Related to this is the problem of attention, and I think that’s where we really have an issue. I just spent 3-4 years studying and thinking about social media, which meant that I was also using social media more and more. Much of the activity so categorized is happening on Twitter, which I refer to as “drive by” conversation. Twitter conditions us to share and take small chunks or packets of diverse information. Thought many attempt conversation via Twitter, real conversatons via microblog form are fragmented and constrained. Facebook is similar – in its activity streams longer conversations do break out, and are still more coherent, but they’re still short bursts, all over the map, and we’re in and out of them quickly.

I find value in Twitter and Facebook conversations, and I appreciate the fact that I can sustain so many relationships, ranging from strong to weak connections, in those spaces. I’m a social media advocate and strategist, and I think we’re evolving a rather amazing environment for all sorts of productive communication and organization that were never possible before. I could go on about this at length.

But the point I’m getting to today is that we need balance. We need to work on our sustained attention and have places to go for sustained, coherent conversations. I’m personally working to manage my attention, be disciplined and focused, without losing the value of random online exploration and the power of serendipity.

Steve Ivy: The Voice in the Stream

My thinking’s focused on activity streams lately, thinking of them as lifestreams – increasingly people are putting their lives online through various social platforms like Twitter, Facebook, Twitter, etc. Also via blogs or similar structures for holding longer form content.

I found this post by Steve Ivy. He’s talking specifically about the third person perspective in autoposts that record users’ actions, vs content that users posts. Interesting point about Twitter – it’s mostly comments rather than actions (aside from location app checkins, e.g. Foursquare and Gowalla).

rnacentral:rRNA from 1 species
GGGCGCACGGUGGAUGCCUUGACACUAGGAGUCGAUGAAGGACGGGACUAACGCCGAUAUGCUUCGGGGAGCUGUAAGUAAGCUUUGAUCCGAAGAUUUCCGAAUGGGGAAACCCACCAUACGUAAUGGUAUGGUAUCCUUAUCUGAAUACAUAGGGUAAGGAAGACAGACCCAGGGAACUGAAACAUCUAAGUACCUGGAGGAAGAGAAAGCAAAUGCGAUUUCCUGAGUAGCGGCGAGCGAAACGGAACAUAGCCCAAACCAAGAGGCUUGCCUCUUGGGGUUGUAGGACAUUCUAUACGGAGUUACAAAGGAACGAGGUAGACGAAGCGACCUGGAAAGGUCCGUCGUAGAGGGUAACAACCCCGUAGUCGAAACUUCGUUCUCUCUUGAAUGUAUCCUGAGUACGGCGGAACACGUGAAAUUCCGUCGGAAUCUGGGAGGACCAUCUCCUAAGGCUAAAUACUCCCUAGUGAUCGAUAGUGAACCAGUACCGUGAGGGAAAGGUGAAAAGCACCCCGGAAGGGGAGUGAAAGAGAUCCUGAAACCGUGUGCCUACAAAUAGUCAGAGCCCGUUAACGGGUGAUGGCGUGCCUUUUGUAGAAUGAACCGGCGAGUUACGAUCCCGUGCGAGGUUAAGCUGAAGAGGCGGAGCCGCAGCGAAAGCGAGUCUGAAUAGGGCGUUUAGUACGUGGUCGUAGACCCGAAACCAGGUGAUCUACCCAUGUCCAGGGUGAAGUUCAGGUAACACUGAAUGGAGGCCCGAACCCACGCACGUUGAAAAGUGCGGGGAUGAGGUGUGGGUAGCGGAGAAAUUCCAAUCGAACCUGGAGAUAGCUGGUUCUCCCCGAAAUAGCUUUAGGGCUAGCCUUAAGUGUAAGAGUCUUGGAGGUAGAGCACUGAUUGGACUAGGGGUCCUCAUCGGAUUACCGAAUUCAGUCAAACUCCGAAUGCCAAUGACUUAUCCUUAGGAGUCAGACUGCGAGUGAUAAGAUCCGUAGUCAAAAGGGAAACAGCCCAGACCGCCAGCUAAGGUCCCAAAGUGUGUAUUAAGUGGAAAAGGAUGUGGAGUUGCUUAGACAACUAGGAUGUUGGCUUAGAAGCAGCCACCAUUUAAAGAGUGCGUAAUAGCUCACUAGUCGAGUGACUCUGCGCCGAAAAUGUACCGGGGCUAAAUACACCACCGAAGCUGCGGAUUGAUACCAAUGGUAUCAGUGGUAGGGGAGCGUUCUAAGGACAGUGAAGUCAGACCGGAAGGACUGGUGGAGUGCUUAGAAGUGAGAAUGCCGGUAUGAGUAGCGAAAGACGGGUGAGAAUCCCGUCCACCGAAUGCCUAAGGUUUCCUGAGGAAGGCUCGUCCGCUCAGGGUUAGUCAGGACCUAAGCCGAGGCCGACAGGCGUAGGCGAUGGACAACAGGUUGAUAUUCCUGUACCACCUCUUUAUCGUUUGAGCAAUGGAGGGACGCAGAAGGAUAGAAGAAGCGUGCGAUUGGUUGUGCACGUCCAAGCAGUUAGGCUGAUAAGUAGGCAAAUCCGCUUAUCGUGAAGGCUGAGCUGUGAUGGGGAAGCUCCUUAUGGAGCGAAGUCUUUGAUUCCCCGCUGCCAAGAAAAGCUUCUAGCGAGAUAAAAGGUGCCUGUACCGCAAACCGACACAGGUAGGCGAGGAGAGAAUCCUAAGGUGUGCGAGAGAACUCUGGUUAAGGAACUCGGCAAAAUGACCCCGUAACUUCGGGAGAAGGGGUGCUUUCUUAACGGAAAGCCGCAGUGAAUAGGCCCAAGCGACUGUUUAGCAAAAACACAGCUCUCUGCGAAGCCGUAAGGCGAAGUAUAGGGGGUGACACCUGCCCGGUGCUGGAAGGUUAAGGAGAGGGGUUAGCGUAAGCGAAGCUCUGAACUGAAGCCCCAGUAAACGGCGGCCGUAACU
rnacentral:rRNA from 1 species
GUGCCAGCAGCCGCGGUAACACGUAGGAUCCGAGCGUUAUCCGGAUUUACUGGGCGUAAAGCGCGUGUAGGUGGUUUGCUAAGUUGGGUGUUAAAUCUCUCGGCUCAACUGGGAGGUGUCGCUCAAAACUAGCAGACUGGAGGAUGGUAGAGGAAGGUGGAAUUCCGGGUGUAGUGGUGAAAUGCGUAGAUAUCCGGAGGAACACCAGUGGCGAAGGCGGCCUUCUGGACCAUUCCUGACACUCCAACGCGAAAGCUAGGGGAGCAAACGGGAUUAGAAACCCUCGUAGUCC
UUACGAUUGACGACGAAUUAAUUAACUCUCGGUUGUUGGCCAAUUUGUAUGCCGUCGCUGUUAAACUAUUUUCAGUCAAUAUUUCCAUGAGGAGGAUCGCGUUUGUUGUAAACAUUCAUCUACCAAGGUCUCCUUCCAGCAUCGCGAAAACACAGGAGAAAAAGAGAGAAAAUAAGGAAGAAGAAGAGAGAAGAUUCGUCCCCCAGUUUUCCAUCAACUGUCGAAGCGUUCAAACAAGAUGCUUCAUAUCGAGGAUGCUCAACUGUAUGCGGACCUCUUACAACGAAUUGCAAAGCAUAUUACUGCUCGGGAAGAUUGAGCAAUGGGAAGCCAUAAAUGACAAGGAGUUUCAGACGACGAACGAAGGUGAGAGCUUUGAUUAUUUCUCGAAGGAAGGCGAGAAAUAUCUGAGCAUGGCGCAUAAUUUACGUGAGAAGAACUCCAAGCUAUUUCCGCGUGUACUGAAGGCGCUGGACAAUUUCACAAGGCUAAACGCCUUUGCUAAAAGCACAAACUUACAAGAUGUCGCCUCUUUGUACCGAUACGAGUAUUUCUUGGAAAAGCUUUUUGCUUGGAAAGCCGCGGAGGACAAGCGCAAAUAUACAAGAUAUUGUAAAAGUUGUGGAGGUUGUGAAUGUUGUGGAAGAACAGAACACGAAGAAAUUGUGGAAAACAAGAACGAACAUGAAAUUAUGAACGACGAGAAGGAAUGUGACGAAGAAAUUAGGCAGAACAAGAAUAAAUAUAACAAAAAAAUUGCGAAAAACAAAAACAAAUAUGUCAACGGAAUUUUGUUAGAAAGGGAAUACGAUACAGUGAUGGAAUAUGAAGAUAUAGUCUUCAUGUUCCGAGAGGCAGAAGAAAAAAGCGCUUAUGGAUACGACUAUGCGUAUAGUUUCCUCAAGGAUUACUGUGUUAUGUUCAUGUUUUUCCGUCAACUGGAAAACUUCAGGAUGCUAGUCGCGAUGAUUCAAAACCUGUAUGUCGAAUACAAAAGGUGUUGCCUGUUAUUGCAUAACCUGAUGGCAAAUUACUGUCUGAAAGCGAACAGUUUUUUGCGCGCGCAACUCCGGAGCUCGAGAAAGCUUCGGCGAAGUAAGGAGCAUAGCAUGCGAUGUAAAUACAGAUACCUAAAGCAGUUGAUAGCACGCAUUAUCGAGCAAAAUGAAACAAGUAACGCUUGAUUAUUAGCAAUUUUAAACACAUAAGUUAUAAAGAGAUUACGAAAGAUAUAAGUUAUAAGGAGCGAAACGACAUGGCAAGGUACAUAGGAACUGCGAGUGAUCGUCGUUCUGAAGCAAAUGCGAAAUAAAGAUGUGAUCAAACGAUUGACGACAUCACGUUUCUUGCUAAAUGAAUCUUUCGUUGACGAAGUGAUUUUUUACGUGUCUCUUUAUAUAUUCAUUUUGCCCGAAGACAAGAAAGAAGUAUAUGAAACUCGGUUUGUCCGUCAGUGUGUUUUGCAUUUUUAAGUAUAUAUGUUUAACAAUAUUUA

Steve doesn’t like the third person for these reports, but I’m not clear there’s a better way. Imagine a string of “I did this” posts – it’s more efficient and clear to say that “Jon did this,” rather than “I” with a signature or an avatar.

Good point about how the Flickr UI makes the third person reports less prominent, stressing their ambience relative to actual comments.

How much of this stuff do we really want to know? I want to have conversations with people online, I don’t necessarily care as much what they like or unlike, what they added to their Netflix queue, where they last checked in, what they scored on QRANK, etc. Well, actually, I do care about the latter, if they scored less than I did.

I don’t necessarily want these third person reports to go away – they add to the sense of activity, the life of the system. But I can see where it makes sense to turn down the volume on those things and stress comments.

Digital Habitats/technology stewardship discussion

Digital HabitatsNancy White, John D. Smith, and Etienne Wenger have written a thorough, clear and compelling overview of the emerging role of technology stewardship for communities of practice (CoPs). They’re leaders in thinking about CoPs, they’re smart, and they’re great communicators. Their book is Digital Habitats; stewarding technology for communities, and it’s a must-read if you’re involved with any kind of organization that uses technology for collaboration and knowledge management. And who isn’t?

It’s my privilege to lead a discussion with Nancy, John, and Etienne over the next two weeks at the WELL. The WELL, a seminal online community (where Nancy and I cohost discussions about virtual communities), is a great fit for this conversation. You don’t have to be a member of the WELL to ask questions or comment – just send an email to inkwell at well.com.